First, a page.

“We call on university lecturers and other categories of workers in the university to come together and make a decision in the best interest of the students because the government is willing to support the institution with the resources it needs to run it successfully.” Obaseki further noted: “Lecturers should realise that the education of the students is more important than their unionism.

 

The government is working on other steps to be taken to help the students come out of this problem. I urge them to come together to allow the students to learn instead of being on strike.”

“I assure you that the one-week ultimatum given will be adhered to by the governor as he will take steps and actions needed to get students back to school. I want to appeal to you that when the government takes its decision, the students should rise up in support of the government so that lecturers will abide by the decision of the government,” Osagie said.

In his remarks, the Speaker of the state House of Assembly, Rt. Hon. Marcus Onobun, said the ongoing strike by the Academic Staff Union of Universities has deprived Nigerian children of the desired quality university education. Speaking through the Director, Office of the Speaker, George Aitumun, during the 2022 Democracy Day Essay Competition, tagged: “Democracy and the Nigerian Child,” Onobun expressed regrets that “Nigerian child has been surcharged since independence in 1960.”

 

“Our children have been at home now for months. The academic calendar has been disorganized and distabilised and it will never remain the same,” he lamented. He, therefore, called on stakeholders, including ASUU and other staff unions, and the government to agree with a view to resolving the issue at stake in order for the students to return to school and continue their academic works.

 

But, in a new twist, ASUU-AUU had last Tuesday dragged the Edo State Governor, Godwin Obaseki before the National Industrial Court in Benin, the state capital, over the suspension of all staff union activities across all state-owned institutions of higher learning, including Academic Staff Union of Universities.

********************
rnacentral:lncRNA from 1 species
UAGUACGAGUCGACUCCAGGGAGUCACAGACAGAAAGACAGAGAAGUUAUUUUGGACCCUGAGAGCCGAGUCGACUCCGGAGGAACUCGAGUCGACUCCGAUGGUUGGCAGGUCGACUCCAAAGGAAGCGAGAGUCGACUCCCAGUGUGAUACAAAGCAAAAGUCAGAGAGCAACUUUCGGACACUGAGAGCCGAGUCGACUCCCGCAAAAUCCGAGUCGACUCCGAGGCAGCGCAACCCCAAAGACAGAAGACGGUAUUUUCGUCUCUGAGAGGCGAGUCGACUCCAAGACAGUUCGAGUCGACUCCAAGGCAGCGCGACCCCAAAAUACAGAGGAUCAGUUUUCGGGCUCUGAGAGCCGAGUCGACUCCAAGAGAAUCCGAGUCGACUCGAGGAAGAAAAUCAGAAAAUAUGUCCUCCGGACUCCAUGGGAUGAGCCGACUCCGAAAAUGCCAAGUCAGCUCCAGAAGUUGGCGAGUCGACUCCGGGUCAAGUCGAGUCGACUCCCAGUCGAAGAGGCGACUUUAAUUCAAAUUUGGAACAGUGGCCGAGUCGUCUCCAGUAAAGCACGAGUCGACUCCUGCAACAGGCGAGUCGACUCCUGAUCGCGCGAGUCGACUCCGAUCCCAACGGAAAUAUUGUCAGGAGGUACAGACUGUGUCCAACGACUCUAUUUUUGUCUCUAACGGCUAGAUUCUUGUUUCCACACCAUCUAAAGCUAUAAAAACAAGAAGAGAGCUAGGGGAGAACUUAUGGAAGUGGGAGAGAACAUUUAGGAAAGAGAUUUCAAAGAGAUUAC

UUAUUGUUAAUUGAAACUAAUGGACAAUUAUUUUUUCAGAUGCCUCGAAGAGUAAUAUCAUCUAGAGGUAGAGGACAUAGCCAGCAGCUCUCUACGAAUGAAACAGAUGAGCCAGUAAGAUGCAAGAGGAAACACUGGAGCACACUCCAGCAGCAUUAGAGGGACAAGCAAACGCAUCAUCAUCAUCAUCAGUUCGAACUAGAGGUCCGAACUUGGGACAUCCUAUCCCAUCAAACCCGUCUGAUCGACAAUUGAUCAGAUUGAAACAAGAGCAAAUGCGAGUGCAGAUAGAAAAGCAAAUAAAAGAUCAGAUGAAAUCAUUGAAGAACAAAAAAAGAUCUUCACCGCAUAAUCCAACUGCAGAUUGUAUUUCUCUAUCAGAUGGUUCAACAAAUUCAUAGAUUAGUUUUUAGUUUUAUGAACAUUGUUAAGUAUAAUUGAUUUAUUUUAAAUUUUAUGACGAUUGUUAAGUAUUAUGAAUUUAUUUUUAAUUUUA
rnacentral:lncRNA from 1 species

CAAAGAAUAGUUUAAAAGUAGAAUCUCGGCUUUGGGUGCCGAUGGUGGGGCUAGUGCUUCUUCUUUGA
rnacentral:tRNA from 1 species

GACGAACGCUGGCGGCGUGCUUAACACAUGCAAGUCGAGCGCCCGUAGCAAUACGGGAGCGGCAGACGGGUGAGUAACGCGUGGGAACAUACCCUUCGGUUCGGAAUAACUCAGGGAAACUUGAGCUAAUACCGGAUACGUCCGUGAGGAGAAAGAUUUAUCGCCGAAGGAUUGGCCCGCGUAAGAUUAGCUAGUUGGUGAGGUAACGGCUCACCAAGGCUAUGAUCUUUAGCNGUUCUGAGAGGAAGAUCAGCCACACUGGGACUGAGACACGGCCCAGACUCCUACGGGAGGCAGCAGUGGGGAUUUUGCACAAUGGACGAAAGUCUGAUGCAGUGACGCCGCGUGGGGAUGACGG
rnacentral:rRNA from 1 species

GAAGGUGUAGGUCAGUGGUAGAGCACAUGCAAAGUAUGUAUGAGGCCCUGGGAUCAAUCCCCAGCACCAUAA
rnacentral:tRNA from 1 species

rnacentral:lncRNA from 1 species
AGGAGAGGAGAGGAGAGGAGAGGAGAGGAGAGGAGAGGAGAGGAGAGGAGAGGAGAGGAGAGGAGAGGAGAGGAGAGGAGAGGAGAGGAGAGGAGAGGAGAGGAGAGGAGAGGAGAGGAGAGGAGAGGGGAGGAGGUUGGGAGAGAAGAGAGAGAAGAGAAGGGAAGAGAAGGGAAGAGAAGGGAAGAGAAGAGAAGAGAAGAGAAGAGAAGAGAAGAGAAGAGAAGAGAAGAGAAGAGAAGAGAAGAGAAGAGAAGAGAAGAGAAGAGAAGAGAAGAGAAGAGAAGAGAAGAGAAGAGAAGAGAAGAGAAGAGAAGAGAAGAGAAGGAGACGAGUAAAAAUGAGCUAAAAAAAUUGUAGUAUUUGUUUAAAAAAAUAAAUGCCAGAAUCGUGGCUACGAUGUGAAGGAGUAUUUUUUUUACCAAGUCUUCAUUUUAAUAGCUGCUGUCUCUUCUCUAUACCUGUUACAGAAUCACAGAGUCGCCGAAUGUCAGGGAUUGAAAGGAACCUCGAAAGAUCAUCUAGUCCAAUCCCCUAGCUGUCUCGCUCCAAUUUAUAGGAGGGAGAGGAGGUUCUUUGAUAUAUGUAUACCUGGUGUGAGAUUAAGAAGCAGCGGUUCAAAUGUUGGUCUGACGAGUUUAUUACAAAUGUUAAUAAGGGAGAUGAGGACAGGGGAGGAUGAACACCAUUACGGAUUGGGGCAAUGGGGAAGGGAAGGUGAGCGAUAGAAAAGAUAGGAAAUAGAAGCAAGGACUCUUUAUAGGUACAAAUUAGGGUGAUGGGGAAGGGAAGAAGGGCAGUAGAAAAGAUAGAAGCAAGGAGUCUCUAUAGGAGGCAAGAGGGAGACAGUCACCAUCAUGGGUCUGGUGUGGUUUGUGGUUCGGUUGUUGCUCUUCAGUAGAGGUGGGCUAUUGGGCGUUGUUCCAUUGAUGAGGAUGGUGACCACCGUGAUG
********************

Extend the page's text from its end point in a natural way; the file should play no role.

Other defendants joined in the suit, marked: NICN/BEN/40/2022, and filed by Kingsley Obamogie, Esq on behalf of the Chairman of ASUU-AAU, Dr. Cyril Onogbosele, and the Assistant Secretary, Dr. William Odion, as claimants, are the Edo State government, the Attorney-General and Commissioner for Justice of the state.

 

The Claimants (ASUU), among other prayers, are asking the court to determine “Whether upon the correct interpretation and construction of Section 40 of the Constitution of the Federal Republic of Nigeria, 1999 (as amended) and Section 35(3) of the Trade Union Act. Cap. T14, Laws of the Federation of Nigeria, 2004, the Defendants are not bereft of power to suspend or prohibit trade union activities in Ambrose Alli University (AAU), Ekpoma.”

The Claimants also sought a declaration that the order or directive of the defendants for the suspension of trade union activities in Ambrose Alli University (AAU), Ekpoma, is unconstitutional, illegal, null and void.

The union is also seeking a declaration that the defendants have no power whatsoever to interfere or meddle with the Claimants’ exercise of their rights, as members of a registered trade union, and the Academic Staff Union of Universities to engage in trade union activities at the Ambrose Alli University, Ekpoma.

 

In the suit, the Claimants are also seeking an order of perpetual injunction restraining the defendants, their servants, employees and/or agents from or interfering with or intermeddling in the Claimants’ exercise of their fundamental rights to engage in trade union activities at the Ambrose Alli University, Ekpoma.

 

 

Worried by the government’s action, the Joint Action Committee (JAC) of the Senior Staff Association of Nigeria Universities (SSANU), Non-Academic Staff of Universities (NASU) and National Association of Academic Technologists (NAAT) has also frowned over the ban or suspension of union activities in the state institutions.

 

The JAC Chairman of the university, Tom Onofua, however, bemoaned the action of the state governor for banning the activities of the various unions, insisting that “it is unconstitutional for Governor Obaseki to suspend legally registered trade unions, comprising of SSANU, NASU, NAAT and ASUU in the university.”

 

Now, like ASUU, the unions told New Telegraph that arrangements have been concluded to seek legal means to challenge the state government’s directive, as the JAC had already instituted a court case against the government for suspending legally registered trade unions.

 

The Joint Action Committee Chairman of the non-teaching staff unions, said: “We have mobilised our lawyers and by the end tomorrow, June 18, 2022, our court action against the Edo State government would have been completed.

 

We see the suspension as unconstitutional for a governor to suspend duly registered trade unions in the university. It is illegal, unconstitutional and arbitrary, and we must pursue this to a logical conclusion.”